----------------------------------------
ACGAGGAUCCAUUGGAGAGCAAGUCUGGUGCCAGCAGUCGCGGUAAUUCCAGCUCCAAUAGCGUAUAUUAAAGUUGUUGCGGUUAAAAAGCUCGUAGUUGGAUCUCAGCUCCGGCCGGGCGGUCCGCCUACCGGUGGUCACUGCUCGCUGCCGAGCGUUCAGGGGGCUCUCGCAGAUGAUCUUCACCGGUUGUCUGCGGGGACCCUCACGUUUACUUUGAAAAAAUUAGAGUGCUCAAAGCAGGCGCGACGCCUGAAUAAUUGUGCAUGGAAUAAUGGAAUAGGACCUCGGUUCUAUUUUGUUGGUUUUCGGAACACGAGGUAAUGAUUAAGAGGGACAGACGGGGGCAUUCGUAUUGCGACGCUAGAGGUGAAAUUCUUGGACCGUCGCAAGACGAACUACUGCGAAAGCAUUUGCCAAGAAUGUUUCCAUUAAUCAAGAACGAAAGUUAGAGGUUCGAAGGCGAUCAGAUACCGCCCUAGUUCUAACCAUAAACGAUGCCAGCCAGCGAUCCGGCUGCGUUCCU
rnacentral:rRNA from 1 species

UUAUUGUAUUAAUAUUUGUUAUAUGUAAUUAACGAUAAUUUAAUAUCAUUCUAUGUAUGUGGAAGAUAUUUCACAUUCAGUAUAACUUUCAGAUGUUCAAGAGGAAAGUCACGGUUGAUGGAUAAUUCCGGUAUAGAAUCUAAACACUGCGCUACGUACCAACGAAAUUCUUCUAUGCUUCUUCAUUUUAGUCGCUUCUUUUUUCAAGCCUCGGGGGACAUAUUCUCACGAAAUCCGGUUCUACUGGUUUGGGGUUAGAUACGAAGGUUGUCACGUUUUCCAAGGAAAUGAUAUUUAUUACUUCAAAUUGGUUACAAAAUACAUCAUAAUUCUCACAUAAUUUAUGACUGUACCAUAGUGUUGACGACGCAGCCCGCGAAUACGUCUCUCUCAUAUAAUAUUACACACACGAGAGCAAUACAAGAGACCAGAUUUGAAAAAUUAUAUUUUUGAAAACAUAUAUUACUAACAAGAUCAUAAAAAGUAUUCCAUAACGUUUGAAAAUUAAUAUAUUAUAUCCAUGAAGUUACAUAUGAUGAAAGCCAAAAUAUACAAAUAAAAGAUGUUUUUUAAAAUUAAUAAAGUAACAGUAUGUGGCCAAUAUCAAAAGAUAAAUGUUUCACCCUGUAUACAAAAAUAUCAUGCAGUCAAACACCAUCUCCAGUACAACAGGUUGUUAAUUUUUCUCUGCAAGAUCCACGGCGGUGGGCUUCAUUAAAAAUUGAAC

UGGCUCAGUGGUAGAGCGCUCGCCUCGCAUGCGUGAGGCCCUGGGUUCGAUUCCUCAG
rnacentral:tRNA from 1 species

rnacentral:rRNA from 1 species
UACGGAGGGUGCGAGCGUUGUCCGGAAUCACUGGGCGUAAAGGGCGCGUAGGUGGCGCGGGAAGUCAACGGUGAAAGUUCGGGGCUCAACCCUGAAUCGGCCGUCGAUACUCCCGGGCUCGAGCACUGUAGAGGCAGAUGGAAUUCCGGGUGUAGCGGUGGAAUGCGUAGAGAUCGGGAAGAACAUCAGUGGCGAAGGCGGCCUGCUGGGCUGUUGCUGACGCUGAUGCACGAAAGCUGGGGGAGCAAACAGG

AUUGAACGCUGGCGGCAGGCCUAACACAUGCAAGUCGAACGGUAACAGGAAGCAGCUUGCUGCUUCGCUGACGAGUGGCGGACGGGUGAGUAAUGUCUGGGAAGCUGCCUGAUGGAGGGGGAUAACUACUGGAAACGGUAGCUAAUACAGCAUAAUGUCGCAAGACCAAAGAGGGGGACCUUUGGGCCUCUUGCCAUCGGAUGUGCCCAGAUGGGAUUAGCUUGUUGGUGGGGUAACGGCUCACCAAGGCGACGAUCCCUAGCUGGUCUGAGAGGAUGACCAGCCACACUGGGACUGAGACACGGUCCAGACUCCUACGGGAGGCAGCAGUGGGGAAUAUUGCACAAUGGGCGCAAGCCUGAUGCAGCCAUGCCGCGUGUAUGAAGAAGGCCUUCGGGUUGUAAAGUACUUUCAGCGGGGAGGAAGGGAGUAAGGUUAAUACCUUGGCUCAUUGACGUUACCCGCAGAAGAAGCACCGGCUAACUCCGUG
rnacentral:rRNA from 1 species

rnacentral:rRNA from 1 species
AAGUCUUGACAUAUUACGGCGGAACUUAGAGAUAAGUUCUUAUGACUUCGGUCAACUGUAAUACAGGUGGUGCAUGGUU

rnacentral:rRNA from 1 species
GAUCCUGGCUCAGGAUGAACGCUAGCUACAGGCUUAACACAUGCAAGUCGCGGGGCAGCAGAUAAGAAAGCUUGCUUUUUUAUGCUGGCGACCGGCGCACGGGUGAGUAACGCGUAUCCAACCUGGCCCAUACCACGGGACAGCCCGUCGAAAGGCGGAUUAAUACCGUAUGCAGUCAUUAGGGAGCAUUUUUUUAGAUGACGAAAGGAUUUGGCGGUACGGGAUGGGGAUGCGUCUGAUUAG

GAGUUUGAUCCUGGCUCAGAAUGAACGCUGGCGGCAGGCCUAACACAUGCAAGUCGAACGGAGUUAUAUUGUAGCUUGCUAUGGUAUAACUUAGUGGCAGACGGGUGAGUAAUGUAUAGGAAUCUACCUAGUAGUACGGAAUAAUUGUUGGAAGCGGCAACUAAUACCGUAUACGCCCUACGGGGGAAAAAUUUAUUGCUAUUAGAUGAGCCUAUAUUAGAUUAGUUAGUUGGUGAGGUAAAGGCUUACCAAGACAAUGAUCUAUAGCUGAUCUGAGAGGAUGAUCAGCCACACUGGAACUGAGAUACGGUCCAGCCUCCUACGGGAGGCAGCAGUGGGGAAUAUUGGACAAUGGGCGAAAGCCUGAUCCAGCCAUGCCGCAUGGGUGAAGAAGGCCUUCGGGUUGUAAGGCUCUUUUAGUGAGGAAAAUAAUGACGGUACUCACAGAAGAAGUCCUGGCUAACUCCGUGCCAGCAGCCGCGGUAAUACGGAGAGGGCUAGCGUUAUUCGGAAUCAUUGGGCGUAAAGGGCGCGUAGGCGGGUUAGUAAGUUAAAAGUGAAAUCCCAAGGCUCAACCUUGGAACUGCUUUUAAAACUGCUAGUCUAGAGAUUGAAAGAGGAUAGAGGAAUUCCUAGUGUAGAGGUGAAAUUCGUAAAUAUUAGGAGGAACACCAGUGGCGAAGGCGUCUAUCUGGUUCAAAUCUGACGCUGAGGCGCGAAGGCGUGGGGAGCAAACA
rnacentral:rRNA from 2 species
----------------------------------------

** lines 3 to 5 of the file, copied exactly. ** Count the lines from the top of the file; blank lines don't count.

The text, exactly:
UUAUUGUAUUAAUAUUUGUUAUAUGUAAUUAACGAUAAUUUAAUAUCAUUCUAUGUAUGUGGAAGAUAUUUCACAUUCAGUAUAACUUUCAGAUGUUCAAGAGGAAAGUCACGGUUGAUGGAUAAUUCCGGUAUAGAAUCUAAACACUGCGCUACGUACCAACGAAAUUCUUCUAUGCUUCUUCAUUUUAGUCGCUUCUUUUUUCAAGCCUCGGGGGACAUAUUCUCACGAAAUCCGGUUCUACUGGUUUGGGGUUAGAUACGAAGGUUGUCACGUUUUCCAAGGAAAUGAUAUUUAUUACUUCAAAUUGGUUACAAAAUACAUCAUAAUUCUCACAUAAUUUAUGACUGUACCAUAGUGUUGACGACGCAGCCCGCGAAUACGUCUCUCUCAUAUAAUAUUACACACACGAGAGCAAUACAAGAGACCAGAUUUGAAAAAUUAUAUUUUUGAAAACAUAUAUUACUAACAAGAUCAUAAAAAGUAUUCCAUAACGUUUGAAAAUUAAUAUAUUAUAUCCAUGAAGUUACAUAUGAUGAAAGCCAAAAUAUACAAAUAAAAGAUGUUUUUUAAAAUUAAUAAAGUAACAGUAUGUGGCCAAUAUCAAAAGAUAAAUGUUUCACCCUGUAUACAAAAAUAUCAUGCAGUCAAACACCAUCUCCAGUACAACAGGUUGUUAAUUUUUCUCUGCAAGAUCCACGGCGGUGGGCUUCAUUAAAAAUUGAAC

UGGCUCAGUGGUAGAGCGCUCGCCUCGCAUGCGUGAGGCCCUGGGUUCGAUUCCUCAG
rnacentral:tRNA from 1 species